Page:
Because of the large share of skilled jobs in the public sector (teachers, doctors, and so on), there was a significant gap in earnings between public employees and workers in the private sector and public firms. However, the freeze on nominal compensation for public employees instituted in 2010 has closed this gap in recent years; from 2014, the average FTE annual wages of private workers had even become slightly larger. Since the majority of public sector employees are women, this freeze has been biased against women. By contrast, the rising relative educational attainment of women and their ability to get more skilled jobs in private firms has favored them : one-third of managers are now women. The gender wage gap has been declining since the turn of the century (Figure 5), although it remains significant. In terms of annual earnings (not corrected for working time), the gender gap was still 28% in 2018.
Time-sliced salaried job contracts
Over the past 15 years, the simplification of legal requirements and the digitization of the recruitment process have caused rapid growth in hiring in France (Figure 6). The number of newly hired workers is now greater than the stock of employees. Before the Covid-19 restrictions, each quarter, hotels and restaurants hired as many workers as the number of salaried positions.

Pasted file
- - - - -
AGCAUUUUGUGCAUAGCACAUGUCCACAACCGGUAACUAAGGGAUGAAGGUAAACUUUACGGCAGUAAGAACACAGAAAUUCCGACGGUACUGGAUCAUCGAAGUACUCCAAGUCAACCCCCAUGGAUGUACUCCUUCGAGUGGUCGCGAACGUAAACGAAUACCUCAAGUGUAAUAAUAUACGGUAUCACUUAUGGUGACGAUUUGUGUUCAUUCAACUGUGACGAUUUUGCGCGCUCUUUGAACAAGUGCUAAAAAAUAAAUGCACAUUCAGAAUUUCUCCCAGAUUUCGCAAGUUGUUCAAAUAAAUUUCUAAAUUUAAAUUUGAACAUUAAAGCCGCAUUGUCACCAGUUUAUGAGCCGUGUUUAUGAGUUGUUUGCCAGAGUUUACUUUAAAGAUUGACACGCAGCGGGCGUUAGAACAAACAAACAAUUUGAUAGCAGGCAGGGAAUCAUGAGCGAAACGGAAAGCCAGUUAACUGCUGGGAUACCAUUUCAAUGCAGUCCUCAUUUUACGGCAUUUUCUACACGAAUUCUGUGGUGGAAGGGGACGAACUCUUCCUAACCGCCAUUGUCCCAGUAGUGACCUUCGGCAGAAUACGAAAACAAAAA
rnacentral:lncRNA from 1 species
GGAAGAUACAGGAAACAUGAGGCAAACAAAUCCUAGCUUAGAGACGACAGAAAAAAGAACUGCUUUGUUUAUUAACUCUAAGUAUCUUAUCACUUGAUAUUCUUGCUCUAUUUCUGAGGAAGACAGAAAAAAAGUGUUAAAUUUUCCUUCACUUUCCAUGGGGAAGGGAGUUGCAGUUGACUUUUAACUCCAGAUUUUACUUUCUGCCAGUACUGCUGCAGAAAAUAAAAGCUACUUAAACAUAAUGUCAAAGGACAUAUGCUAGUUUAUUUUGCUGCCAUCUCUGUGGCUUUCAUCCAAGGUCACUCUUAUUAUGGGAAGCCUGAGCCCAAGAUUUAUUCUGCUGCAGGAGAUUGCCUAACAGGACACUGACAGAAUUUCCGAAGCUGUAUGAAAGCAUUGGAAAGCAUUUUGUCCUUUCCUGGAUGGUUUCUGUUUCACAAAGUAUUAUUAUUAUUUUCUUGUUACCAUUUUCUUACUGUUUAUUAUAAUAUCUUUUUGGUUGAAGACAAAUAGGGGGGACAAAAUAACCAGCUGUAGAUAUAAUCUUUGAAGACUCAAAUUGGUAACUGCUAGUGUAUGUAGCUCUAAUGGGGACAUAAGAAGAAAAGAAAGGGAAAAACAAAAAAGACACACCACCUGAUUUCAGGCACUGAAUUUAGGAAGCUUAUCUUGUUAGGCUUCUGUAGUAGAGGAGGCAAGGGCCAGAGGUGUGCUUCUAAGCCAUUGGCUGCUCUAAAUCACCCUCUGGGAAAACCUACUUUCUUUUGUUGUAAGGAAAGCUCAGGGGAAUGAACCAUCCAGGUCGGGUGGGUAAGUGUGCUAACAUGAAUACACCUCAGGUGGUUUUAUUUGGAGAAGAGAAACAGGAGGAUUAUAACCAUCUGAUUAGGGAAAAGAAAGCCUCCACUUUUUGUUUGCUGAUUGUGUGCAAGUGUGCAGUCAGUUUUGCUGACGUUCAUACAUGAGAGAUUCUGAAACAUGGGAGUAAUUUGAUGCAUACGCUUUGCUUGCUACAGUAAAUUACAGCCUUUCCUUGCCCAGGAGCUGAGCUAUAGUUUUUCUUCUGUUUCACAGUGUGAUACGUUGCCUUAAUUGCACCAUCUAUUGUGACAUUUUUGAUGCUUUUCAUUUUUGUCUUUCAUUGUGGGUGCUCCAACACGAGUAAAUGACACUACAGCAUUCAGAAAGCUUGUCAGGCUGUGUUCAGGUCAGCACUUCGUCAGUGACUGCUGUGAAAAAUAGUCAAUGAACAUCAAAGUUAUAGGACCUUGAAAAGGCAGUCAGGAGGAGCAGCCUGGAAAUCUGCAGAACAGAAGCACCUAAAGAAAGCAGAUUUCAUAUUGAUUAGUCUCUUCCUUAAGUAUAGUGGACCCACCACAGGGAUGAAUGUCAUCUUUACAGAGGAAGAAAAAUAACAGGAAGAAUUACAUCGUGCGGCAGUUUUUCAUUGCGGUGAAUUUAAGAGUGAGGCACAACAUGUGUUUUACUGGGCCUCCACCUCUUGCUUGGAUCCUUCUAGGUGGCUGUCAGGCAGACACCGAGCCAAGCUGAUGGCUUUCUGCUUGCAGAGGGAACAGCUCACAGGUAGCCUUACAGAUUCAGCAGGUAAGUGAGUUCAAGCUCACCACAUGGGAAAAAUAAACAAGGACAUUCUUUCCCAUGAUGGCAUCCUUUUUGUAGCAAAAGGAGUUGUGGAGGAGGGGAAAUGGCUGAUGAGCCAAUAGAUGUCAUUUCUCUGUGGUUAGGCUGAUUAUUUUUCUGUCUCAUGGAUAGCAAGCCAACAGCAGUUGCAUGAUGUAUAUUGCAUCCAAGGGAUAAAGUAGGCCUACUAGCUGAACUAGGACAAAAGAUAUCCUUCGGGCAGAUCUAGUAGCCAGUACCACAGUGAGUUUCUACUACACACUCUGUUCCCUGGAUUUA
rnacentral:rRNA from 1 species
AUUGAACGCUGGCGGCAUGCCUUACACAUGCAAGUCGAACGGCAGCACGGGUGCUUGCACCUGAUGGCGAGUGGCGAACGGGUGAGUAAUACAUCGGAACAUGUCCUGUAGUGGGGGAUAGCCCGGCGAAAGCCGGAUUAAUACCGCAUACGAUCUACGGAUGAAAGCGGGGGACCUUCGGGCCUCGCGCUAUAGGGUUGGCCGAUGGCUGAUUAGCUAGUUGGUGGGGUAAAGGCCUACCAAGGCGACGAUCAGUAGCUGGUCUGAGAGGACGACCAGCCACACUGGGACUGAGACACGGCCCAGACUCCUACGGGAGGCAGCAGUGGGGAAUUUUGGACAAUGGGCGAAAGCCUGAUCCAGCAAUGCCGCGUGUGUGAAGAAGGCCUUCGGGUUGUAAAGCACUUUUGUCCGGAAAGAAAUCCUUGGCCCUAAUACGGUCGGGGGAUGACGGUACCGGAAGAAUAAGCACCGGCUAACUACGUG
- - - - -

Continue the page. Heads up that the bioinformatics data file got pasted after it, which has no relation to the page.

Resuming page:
This phenomenon is fueled by the human resources (HR) strategy of replacing long fixed-term contracts with very short contracts—most lasting less than a week—for the purpose of just-in-time adaptation of the workforce. The share of fixed-term jobs has remained steady since 2000, in contrast to the 1980s and 1990s when it was increasing , around 15% of total salaried employment. However, the duration of the contracts has shortened dramatically. Only one in five short-term contracts is for a month or longer, compared to two in five in 2000; the median duration is now about eight days. Another essential characteristic of this change is that most workers hired are the same people who are simply being rehired for the same job. Workers on very-short-term contracts are excluded from a variety of additional types of compensation set by industry or firm-level agreements, including annual or seniority bonuses. The shift in job quality is particularly noticeable for young (male) workers. According to the Génération surveys, in 2003, five years after completing full-time education, a large majority of men (59%) were employed in a permanent full-time job. This proportion dropped to only 37% in 2015.